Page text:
All three proteins contain necks, which are structurally nearly identical (Figure 7). The similarity of the necks in BadA and YadA was easily detected at the sequence level. The Hia neck, however, was not recognized before due to sequence divergence, which includes the insertion of a domain of 44 residues (Figure 7). The nearly identical backbone structure in the three necks is the result of a conserved network of mainchain hydrogen bonds and does not seem to involve sidechain interactions, beyond the formation of a small hydrophobic core (Figure 6). The charge network reported in the YadA neck  is not present in BadA or Hia and seems to be a specific feature of YadA. In light of these observations, it is hard to understand the exceptional sequence conservation of necks, which is typically in the range of 50% identity between any two necks .
Model of the full BadA head
The part of the BadA head which is not included in our construct shows extensive sequence similarity to the YadA head, allowing us to model it by homology (see Methods). The β-roll domain was modeled using a template-based approach, since YadA contains 8 repeats (whose inner strands carry the conspicuous SVAIG sequence motif) and BadA 11. Two features of BadA could not be modeled for lack of a structural template: (I) the N-terminal segment from the signal sequence cleavage site to the first turn of the β-roll, which is presumably unstructured and also not resolved in the YadA structure, and (II) an insertion in the last turn of the β-roll, which is present in many TAA head domains, but not in YadA .
The similarity between YadA and BadA not only encompasses the left-handed β-roll domain, but also the neck connector and a short coiled-coil segment. Thus, even though the coiled-coil segment N-terminal to the Trp-ring domain was not resolved in our BadA construct, we could merge the model to the structure without gaps by aligning the registers of the coiled coils and modeling the missing part with parametric equations . The resulting model for the complete BadA head is shown in Figure 8.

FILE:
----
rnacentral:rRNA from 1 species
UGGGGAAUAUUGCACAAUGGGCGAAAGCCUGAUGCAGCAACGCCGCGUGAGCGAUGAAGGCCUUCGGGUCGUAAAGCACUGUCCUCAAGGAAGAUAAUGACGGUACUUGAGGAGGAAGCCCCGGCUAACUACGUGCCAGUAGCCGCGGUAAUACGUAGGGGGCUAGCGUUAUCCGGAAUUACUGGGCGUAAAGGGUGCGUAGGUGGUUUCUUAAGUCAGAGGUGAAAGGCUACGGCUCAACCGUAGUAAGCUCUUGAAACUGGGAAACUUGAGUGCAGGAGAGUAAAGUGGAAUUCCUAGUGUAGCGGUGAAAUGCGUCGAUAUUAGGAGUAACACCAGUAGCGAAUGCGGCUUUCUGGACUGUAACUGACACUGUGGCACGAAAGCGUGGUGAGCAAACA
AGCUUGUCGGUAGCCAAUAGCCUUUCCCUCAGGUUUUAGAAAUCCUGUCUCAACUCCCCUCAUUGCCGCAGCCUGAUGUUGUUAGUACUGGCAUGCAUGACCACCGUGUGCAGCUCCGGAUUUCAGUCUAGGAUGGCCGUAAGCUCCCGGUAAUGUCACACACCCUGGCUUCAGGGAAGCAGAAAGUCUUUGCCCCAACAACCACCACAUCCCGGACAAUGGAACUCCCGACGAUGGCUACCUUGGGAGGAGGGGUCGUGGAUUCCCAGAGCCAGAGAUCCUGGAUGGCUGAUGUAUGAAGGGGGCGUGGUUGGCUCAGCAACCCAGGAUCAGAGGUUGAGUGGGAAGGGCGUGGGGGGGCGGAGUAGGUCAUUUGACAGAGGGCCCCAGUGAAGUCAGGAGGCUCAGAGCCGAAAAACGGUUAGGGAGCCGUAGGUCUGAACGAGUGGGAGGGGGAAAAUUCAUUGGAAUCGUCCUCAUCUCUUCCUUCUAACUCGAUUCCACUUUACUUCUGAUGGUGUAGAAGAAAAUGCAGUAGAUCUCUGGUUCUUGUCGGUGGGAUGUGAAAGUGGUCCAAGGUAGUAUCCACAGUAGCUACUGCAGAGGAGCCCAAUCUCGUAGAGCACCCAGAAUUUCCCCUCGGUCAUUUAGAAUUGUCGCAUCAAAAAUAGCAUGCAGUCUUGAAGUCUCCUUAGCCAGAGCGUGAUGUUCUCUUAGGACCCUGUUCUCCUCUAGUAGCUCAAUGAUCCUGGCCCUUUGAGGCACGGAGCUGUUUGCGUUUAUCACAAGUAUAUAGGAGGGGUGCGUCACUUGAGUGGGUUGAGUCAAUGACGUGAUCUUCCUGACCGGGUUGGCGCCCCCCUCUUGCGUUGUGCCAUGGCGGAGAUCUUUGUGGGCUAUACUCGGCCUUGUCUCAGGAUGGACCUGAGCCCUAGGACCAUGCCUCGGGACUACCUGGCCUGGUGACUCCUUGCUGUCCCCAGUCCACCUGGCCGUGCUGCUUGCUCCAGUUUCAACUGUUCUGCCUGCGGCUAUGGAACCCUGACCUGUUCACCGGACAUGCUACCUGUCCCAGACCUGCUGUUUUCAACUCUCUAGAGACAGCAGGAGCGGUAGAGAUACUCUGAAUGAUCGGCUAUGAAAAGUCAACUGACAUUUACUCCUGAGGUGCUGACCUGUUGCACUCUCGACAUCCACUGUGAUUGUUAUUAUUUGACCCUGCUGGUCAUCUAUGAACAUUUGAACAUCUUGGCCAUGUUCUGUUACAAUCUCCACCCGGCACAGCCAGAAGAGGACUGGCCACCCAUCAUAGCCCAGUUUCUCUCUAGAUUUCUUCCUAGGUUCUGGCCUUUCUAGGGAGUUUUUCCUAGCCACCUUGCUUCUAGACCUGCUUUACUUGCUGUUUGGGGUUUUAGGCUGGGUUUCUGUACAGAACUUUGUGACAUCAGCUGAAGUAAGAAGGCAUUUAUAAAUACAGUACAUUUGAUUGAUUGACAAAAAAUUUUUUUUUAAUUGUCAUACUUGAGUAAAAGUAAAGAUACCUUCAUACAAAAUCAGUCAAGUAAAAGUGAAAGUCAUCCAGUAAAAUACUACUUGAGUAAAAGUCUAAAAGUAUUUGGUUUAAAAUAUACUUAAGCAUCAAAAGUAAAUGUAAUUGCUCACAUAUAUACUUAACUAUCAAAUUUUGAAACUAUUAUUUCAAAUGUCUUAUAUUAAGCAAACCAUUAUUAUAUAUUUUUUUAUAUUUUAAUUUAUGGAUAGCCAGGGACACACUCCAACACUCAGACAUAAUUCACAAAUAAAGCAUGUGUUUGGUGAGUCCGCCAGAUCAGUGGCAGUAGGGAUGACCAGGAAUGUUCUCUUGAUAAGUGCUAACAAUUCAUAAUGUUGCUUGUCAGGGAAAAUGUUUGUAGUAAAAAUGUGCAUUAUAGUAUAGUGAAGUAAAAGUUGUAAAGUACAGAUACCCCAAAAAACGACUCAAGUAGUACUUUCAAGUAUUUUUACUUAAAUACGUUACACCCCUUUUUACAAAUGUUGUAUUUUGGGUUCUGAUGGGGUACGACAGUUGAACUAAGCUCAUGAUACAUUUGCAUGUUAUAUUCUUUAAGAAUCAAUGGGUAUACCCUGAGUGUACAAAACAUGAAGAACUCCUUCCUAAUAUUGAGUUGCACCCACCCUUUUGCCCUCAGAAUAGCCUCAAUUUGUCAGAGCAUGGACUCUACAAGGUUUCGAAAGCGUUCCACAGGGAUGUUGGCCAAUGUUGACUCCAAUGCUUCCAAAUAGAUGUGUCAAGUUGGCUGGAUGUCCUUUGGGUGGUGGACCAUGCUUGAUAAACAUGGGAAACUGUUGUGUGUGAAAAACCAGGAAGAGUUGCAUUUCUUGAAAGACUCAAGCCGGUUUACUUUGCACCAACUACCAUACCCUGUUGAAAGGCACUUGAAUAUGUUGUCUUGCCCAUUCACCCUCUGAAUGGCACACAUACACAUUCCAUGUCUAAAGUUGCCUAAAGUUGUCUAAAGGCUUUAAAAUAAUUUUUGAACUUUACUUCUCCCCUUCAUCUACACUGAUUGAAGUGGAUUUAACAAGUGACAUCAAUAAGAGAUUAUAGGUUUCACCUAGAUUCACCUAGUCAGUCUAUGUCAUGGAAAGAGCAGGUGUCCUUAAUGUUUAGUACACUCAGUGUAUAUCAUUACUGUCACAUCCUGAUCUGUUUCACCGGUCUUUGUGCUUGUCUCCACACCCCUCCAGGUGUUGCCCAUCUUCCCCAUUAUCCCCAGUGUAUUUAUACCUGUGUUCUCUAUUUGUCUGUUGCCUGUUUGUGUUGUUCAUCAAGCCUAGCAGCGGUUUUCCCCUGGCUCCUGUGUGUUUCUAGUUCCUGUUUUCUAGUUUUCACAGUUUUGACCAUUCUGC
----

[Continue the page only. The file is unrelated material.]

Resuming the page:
The head of BadA, comprising the crystal structure of the Trp-ring and GIN domain and models of the YadA-like head and the connecting coiled coil. The structure is heavily intertwined and each chain spirals over 360 degrees around the fiber axis, mostly due to the two neck sequences present.
We have determined the structure of two domains from the head of the Bartonella henselae adhesin BadA. Surprisingly, these domains are structurally nearly identical to two domains from the Haemophilus adhesin Hia, despite their similarity being essentially undetectable by sequence comparisons. This is due to the short length of the individual domains, to two large inserts in Hia, and to the seemingly reversed order of the domains in the two proteins. The reversed order is due to the way in which the Hia fragment was constructed; in fact, Trp-ring and GIN domains also occur in tandem in Hia, albeit in multiple copy, and the Hia fragment combines the C-terminal GIN domain of one tandem with the N-terminal Trp-ring domain of the next. The near-identity of the structures is underscored by our ability to solve the BadA structure by molecular replacement, using the Hia structure as a modeling template. From this we conclude that TAA domains retain their structure closely, irrespective of their molecular context, and that their strongly interleaved nature prevents structural divergence, even after considerable sequence divergence has occurred. These findings support our previous proposal that the structure of TAAs can be elucidated by a “dictionary approach”: domains are identified by bioinformatics, compared to a database containing the structures of representative exemplars for each domain, modeled and assembled into complete fibers using the nearly invariant structure of connectors such as the necks and coiled-coil segments . We have laid the bioinformatics groundwork for this approach with a sensitive online system for the annotation of TAA domains  and are now in the process of selecting and solving representative exemplars for each domain type.